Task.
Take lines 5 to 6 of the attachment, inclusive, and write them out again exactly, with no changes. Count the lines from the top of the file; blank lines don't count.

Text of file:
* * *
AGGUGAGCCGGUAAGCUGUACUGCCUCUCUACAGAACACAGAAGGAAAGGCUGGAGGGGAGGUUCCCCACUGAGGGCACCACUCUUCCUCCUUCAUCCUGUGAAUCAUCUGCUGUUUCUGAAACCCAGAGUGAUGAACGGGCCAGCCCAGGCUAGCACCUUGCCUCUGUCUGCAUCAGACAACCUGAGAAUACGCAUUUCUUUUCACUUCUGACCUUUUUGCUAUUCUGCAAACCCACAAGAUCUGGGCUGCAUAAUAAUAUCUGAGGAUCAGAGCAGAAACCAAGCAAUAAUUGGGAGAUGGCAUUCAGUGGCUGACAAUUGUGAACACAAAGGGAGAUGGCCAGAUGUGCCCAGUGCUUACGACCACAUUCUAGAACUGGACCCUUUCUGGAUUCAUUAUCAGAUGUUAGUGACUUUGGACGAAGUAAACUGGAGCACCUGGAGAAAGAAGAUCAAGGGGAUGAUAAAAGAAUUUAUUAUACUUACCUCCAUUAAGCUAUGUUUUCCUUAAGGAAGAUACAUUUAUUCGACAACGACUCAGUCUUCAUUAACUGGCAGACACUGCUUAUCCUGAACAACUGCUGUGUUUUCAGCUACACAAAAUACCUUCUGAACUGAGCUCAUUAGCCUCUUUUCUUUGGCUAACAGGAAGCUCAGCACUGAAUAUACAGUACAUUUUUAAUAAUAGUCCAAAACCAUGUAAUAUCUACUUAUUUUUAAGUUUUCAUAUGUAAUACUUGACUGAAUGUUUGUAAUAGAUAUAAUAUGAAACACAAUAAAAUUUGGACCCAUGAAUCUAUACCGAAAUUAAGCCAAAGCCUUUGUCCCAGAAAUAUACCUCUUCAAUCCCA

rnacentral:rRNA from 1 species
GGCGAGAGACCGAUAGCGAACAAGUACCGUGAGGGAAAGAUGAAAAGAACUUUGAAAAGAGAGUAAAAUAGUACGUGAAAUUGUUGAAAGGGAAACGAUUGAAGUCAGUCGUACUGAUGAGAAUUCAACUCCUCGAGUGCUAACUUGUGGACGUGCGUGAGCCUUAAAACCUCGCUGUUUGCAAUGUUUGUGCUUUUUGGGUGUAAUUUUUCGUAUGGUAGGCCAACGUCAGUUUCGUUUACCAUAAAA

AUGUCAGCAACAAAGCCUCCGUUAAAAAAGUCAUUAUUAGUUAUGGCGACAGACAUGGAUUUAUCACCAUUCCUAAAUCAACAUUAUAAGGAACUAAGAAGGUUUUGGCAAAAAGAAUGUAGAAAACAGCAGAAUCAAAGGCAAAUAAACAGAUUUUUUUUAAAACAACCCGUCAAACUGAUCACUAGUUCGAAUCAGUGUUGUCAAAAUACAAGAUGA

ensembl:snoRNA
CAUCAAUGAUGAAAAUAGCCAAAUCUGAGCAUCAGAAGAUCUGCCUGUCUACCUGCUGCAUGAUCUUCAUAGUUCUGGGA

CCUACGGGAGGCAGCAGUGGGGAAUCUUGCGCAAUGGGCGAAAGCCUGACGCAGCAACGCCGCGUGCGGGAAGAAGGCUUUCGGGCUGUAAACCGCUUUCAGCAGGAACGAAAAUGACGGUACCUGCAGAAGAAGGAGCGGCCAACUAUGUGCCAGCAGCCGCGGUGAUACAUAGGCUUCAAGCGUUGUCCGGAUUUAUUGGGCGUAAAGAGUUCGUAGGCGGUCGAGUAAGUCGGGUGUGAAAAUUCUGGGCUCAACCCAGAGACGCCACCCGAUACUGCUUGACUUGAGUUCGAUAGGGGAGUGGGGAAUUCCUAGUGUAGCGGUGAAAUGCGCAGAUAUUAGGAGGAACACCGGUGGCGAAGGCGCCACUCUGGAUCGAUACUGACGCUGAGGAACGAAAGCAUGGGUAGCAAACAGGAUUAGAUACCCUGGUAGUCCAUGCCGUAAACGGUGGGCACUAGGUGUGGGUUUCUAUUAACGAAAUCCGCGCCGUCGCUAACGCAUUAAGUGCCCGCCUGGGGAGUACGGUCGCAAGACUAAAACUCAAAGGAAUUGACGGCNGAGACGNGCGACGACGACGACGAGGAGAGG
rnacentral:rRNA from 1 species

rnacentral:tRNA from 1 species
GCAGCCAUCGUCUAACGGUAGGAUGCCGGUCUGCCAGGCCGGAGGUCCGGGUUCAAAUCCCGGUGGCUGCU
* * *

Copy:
ensembl:snoRNA
CAUCAAUGAUGAAAAUAGCCAAAUCUGAGCAUCAGAAGAUCUGCCUGUCUACCUGCUGCAUGAUCUUCAUAGUUCUGGGA